By Payal Mitra

Edited by Liz Maria Kuriakose, Associate Editor, The Indian Economist

Rape and sexual assault has become extremely commonplace in our society, despite constant public outrage and relative empowerment of women. After a while, you’ll be tired of newspaper reports and people harping about how this is a serious issue and that the government needs to start being pro-active and ensure absolute safety for all women. All opinions, all articles, all speeches, all election campaigns, have been reiterating the same thing. And now, this article is turning out to be another similar story.

Nevertheless, a glimpse into history, triggered the same sentiment again, when I came across the Japanese ‘Comfort Women Scandal’. During the Second World War, Japan, in order to keep its soldiers happy, set up ‘comfort stations’ near army bases. Initially these stations had voluntary workers. But, hundreds of thousands of women were abducted or tricked into forced sexual slavery and raped day and night by the military men. Even Koreans, Chinese and Dutch were coerced into the trade. Most of them didn’t survive the war, while the few who did were battered physically and emotionally. To date very few comfort women have even testified. All this was government sanctioned. When those in power oversee such horrific deeds, to whom do these women turn to?

That was still around 70 years ago. What about now? In the US, the Pentagon has released new data about the reported number of sexual assaults in the military. Between July 1, 2012 and June 30, 2013, there were 3,553 reports of sexual assault. A 43% increase from the preceding year. During the same period, there were 219 casualties in the wars in Iraq and Afghanistan. An anonymous survey of military members, however, revealed there may have been as many as 26,000 assaults last year—up from 19,000 estimated assaults in 2011. More appallingly, an Air Force Colonel, Lt. Col. Jeffrey Krusinski, who was head of the Air Force’s sexual assault prevention branch was arrested for sexually assaulting a woman last year. He was acquitted by the Arlington Jury. The incident was swept up in an ongoing debate over whether the military is equipped to handle sexual assaults among its men.

Likewise, the Tail hook Scandal and several other cases where women and men soldiers were gang raped by fellow soldiers.In response to the deteriorating scene, on April 17, 2013, Congresswoman Speier re-introduced the Sexual Assault Training Oversight and Prevention Act (STOP Act), which would look into the reports, oversights, investigation and care for the victims of sexual assaults. It would place jurisdiction in the newly created, autonomous Sexual Assault Oversight and Response Office comprising of civilian and military experts.Our country is rife with such scandals of its own. Despite having the following laws, how far is the general public aware? If laws are implemented, we could sweep away all such obscenities and instil a sense of fear in the minds of the offenders, which in time, will hopefully turn into respect for the opposite gender.

Laws under Indian Penal Code (IPC)

  • Section 209: Obscene acts and songs, to the annoyance of others like:

a)    Does and obscene act in a public place or

b)    Sings, recites or utters any obscene song, ballad or words in or near any public place.

Punishment: Imprisonment for a term up to 3 months or fine, or both.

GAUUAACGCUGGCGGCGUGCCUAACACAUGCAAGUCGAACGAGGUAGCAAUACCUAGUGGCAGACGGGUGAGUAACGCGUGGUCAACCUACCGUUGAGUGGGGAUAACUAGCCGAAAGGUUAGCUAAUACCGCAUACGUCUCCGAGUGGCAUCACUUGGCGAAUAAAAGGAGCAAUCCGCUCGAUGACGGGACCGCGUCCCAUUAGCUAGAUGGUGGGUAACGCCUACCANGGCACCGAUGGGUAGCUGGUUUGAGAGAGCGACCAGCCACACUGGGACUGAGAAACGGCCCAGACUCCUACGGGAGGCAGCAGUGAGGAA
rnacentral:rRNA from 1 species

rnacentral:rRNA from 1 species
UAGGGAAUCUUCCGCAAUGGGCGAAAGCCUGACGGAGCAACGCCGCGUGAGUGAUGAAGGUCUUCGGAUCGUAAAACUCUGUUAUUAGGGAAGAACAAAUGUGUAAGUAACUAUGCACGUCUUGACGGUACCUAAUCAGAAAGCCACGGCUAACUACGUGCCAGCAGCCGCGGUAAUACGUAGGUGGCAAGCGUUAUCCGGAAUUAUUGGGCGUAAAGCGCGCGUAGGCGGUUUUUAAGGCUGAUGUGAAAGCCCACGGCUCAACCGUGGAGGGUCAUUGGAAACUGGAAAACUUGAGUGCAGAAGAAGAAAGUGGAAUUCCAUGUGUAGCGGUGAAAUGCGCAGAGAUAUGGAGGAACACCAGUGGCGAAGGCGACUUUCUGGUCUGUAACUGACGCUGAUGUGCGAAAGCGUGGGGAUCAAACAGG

• Section 354: Assault or use of criminal force on a woman with intent to outrage her modesty.

Punishment: 2 years imprisonment or fine, or both.

  • Section 376: Rape

Punishment: Imprisonment for life or up to 10 years and fine.

  • Section 509: Uttering any word or making any gesture intended to insult the modesty of woman.

Punishment: Imprisonment for 1 year, or fine, or both. (Cognisable and bailable offense)

So we even have a law against indecent songs in public. What about Bollywood item numbers? Even little kids can be seen gyrating to crass and demeaning numbers like ‘Fevicol se’, ‘Munni Badnaam hui’. Section 509 could put a stop to cat calling and eve teasing. Yet, there is virtually no awareness or fear of these laws. Awareness of one’s rights and legal measures are available, which will go a very long way in fixing the imbalance.Moreover, tell me how several men, who were in charge of sexual harassment policy, were implicated in sexual harassment themselves? What kind of careful selection process for those jobs would have produced the result of the enforcer becoming the offender?

Ultimately the debate over men’s true sexual nature is of minimal importance. It doesn’t matter if we can prove that men are horny by nature. All we have to learn how to work with our desires and live in ways that respect everyone’s integrity and safety. If we change the gender culture in the military or general public by changing men’s hearts and minds, their sexual “nature” won’t be a problem. ‘How?’, has always been the question. Currently, I feel it needs to be legally enforced. A change of heart will take too much time to wait for, but will hopefully, follow in the future.

Payal is a second year student at St. Stephen’s College, Delhi, pursuing a Bachelor of Science degree in Physics. When she is not trying to make sense of endless equations and the most complex theories, she is an avid reader who likes to believe that she has a strong liking for the world outside physics too. She has a knack for finding problems, and fervently prays for a brainwave to their solutions someday. She hopes to help reflect change in society, wherever possible. For any comment, please email her at: payal.mitra@hotmail.com

Posted by The Indian Economist | For the Curious Mind